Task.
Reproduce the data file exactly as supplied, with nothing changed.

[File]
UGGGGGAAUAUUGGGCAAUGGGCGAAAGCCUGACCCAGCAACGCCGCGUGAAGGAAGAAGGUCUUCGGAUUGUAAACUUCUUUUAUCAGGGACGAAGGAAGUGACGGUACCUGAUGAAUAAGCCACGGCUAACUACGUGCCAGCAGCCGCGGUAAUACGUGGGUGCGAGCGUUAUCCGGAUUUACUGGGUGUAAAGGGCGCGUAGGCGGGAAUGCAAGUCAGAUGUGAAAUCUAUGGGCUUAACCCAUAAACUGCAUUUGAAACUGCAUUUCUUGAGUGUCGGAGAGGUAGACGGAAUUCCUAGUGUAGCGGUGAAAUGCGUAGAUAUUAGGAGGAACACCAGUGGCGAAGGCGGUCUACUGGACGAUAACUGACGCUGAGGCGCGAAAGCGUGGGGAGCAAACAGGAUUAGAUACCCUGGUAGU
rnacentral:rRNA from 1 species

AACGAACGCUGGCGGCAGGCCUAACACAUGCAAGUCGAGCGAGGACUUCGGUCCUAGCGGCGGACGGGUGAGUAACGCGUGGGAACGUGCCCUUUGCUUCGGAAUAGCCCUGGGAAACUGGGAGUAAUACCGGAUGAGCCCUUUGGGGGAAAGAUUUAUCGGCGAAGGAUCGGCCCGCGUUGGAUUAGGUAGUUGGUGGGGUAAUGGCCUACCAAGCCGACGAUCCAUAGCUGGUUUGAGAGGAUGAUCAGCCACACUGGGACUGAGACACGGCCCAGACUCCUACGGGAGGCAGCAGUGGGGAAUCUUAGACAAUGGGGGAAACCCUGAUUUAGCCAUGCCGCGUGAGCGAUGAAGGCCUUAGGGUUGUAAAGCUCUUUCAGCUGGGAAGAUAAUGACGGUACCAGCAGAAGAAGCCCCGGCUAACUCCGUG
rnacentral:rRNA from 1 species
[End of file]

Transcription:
UGGGGGAAUAUUGGGCAAUGGGCGAAAGCCUGACCCAGCAACGCCGCGUGAAGGAAGAAGGUCUUCGGAUUGUAAACUUCUUUUAUCAGGGACGAAGGAAGUGACGGUACCUGAUGAAUAAGCCACGGCUAACUACGUGCCAGCAGCCGCGGUAAUACGUGGGUGCGAGCGUUAUCCGGAUUUACUGGGUGUAAAGGGCGCGUAGGCGGGAAUGCAAGUCAGAUGUGAAAUCUAUGGGCUUAACCCAUAAACUGCAUUUGAAACUGCAUUUCUUGAGUGUCGGAGAGGUAGACGGAAUUCCUAGUGUAGCGGUGAAAUGCGUAGAUAUUAGGAGGAACACCAGUGGCGAAGGCGGUCUACUGGACGAUAACUGACGCUGAGGCGCGAAAGCGUGGGGAGCAAACAGGAUUAGAUACCCUGGUAGU
rnacentral:rRNA from 1 species

AACGAACGCUGGCGGCAGGCCUAACACAUGCAAGUCGAGCGAGGACUUCGGUCCUAGCGGCGGACGGGUGAGUAACGCGUGGGAACGUGCCCUUUGCUUCGGAAUAGCCCUGGGAAACUGGGAGUAAUACCGGAUGAGCCCUUUGGGGGAAAGAUUUAUCGGCGAAGGAUCGGCCCGCGUUGGAUUAGGUAGUUGGUGGGGUAAUGGCCUACCAAGCCGACGAUCCAUAGCUGGUUUGAGAGGAUGAUCAGCCACACUGGGACUGAGACACGGCCCAGACUCCUACGGGAGGCAGCAGUGGGGAAUCUUAGACAAUGGGGGAAACCCUGAUUUAGCCAUGCCGCGUGAGCGAUGAAGGCCUUAGGGUUGUAAAGCUCUUUCAGCUGGGAAGAUAAUGACGGUACCAGCAGAAGAAGCCCCGGCUAACUCCGUG
rnacentral:rRNA from 1 species